But in his official capacity Tsang has never been a subject of public doubt. Had it not been for some bitter, fundamental row between the two, Tsang would have been allowed to leave in a more dignified manner.
After all, he is a lifetime loyalist to the party and has made great sacrifices (he was once jailed for two years by the colonial authorities for spreading Communist thoughts). So it’s apparent that Leung just wanted to get rid of him.
Then how to define the old leftists and those “new patriots”? The 1967 riot against the British rule formed a dividing line. People who had already been Beijing’s adherents before that year can be called the “old patriots” and those that switched to Beijing’s side after the incident are the “new patriots”.
Surely, in terms of political seniority, local leftists are ahead of Beijing’s new friends. So the fact that old-line Tsang was sacked by Leung the new patriot is an interesting exception, and it can’t happen without the consent from the top leadership in Beijing.
Then we can conjecture that when Leung told Tsang that he was being sacked Tuesday morning, there must be a top party cadre present to make sure that Tsang wouldn’t resist and would be “glad to retire”.
No one knows what exactly was going on between Leung and Tsang. Some cite Tsang’s strong objection to Leung’s plan to rezone plots in the proposed sports complex at Kai Tak, but I don’t think such a dispute can lead to an outcome of this magnitude.
Still, sooner or later, pieces of truth will filter through various channels.
The rift among the authorities and in the pro-establishment camp has widened. There are now three major factions: Leung and his allies, local leftists represented by Tsang and those loyal to Henry Tang Ying-yen.
Local leftists once commanded wide popularity among Hong Kong’s grassroots, but after the handover, the camp suffered a crippling decline as their supporters have turned to the SAR government and the new patriots to secure their interests.
When senior members are either dead or fading rapidly into history, local leftists as a whole believe the 2017 chief executive election is their last chance to grab hold of power.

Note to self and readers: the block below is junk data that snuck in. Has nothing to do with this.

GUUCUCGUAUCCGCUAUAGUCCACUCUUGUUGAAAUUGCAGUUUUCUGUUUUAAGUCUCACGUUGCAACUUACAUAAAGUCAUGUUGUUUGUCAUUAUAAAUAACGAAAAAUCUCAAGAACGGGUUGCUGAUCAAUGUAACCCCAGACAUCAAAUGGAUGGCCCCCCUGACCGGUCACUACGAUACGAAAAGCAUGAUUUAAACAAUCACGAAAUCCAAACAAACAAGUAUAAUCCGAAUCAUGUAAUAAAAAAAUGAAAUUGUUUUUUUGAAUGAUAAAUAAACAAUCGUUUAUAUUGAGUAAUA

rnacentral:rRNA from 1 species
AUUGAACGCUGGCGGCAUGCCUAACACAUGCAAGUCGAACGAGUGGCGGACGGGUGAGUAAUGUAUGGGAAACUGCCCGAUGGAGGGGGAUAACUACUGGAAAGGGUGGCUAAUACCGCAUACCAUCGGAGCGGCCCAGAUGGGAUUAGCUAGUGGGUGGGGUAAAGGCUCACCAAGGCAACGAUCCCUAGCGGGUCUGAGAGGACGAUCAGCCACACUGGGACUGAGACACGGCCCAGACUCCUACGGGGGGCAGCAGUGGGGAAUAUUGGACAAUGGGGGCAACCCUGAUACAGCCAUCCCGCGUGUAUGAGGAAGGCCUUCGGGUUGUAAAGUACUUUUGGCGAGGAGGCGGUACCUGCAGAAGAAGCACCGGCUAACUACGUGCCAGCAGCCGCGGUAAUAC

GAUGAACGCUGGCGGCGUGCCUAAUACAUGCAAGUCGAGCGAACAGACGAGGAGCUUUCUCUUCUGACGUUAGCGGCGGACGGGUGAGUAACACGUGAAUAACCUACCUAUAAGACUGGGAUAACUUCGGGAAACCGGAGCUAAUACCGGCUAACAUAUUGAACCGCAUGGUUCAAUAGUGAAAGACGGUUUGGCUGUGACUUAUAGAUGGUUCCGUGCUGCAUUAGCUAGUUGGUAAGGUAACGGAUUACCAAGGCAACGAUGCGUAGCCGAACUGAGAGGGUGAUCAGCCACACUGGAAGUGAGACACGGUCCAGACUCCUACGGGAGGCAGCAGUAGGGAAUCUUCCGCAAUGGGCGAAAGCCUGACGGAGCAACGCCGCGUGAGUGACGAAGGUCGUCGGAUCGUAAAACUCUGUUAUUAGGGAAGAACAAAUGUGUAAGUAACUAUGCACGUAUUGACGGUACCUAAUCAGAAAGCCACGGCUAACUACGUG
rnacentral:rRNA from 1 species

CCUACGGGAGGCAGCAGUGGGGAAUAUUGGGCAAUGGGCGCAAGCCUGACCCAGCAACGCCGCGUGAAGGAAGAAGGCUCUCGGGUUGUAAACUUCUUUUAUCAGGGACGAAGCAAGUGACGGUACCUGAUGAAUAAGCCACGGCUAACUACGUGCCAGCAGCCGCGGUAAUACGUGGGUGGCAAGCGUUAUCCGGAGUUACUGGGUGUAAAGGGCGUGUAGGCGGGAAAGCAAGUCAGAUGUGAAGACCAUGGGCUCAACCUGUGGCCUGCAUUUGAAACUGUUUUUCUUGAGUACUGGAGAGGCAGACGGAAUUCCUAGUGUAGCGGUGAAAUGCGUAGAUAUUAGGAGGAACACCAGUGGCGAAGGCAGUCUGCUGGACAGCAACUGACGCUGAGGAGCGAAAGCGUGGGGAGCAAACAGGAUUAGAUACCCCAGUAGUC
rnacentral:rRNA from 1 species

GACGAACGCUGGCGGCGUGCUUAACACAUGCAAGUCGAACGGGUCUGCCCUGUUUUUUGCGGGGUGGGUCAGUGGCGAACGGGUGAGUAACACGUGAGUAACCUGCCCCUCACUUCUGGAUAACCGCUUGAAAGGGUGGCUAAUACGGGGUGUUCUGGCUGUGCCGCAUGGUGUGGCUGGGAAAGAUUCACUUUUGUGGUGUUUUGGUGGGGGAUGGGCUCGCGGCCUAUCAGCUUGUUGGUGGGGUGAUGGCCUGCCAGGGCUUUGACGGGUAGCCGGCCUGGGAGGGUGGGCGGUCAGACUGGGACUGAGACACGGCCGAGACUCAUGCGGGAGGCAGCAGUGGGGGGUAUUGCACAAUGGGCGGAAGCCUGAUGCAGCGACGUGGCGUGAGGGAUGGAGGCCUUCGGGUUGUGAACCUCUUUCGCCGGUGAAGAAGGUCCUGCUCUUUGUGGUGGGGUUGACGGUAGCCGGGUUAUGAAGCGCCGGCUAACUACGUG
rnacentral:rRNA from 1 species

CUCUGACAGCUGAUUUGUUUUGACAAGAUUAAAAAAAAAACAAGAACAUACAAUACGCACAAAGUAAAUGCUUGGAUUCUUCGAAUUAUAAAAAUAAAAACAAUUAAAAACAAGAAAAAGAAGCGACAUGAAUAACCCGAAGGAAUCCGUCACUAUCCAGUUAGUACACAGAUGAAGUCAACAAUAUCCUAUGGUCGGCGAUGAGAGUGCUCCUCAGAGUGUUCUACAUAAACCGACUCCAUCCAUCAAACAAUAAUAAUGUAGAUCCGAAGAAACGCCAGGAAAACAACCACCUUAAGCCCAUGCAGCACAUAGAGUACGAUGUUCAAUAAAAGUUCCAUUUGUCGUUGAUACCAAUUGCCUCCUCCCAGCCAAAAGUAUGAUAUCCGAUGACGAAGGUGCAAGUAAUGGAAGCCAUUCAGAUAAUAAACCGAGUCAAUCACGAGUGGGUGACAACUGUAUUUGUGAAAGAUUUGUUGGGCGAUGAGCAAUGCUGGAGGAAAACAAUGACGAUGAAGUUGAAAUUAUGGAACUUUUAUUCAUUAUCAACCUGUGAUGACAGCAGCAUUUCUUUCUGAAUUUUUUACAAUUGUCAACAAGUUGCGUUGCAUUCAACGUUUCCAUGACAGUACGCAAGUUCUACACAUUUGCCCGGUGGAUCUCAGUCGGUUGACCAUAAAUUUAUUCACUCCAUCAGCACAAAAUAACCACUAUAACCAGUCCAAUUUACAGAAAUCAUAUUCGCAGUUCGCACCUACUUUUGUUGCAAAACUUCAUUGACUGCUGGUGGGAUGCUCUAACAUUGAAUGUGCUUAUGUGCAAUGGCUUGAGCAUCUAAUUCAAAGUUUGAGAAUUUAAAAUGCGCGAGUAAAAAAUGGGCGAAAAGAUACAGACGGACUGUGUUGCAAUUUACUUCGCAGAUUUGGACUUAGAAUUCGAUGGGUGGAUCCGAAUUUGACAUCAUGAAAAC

Then what is Leung’s strategy to defend his job? Tarnishing old patriots for all the faults that triggered last year’s Occupy movement.
So all of sudden, Tsang the old patriot has become a collateral target: Leung’s lackeys pass all the blame to him for the unpatriotic youth and thoughts of Hong Kong independence.
But Leung himself is on thin ice, too, as he now owes a great deal to Beijing and he must requite his mainland bosses.
If he fails to accomplish tasks to Beijing’s satisfaction during the rest of his term, Beijing will fire him exactly the way he did to Tsang. This is the sort of old plot we see in many gangster films, but we have now seen the ways of the underworld in Hong Kong’s political arena.
If there is any more incident like the recent lead-in-water scare or exposes of his acceptance of interests, Leung will have to pay the price.
I have known Tsang for more than four decades and worked with him in the government for six years with my office located right next door to his.
He does not have the kind of tact or sophistication seen in his old brother Jasper Tsang Yok-sing. Instead, he is straightforward and forthright.
As a leftist, he is obliged to state that he is “glad to retire” as he must do whatever Beijing mandates.
But I suspect that, having dedicated most of his life to the party and communism, he must have some unspoken rancor with the stab in the back and humiliation that he has been subjected to under Beijing’s watch.
Tung Chee-hwa was asked to step down with Beijing’s compensation of a deputy chairmanship in China’s top political advisory body, but given Tsang’s personality, will he be appeased with similar political perks?
“You love the party, but does the party love you?” This is the question that I will surely ask Tsang next time when I meet him.
This article appeared in the Hong Kong Economic Journal on July 23.
Translation by Frank Chen
[Chinese version 中文版]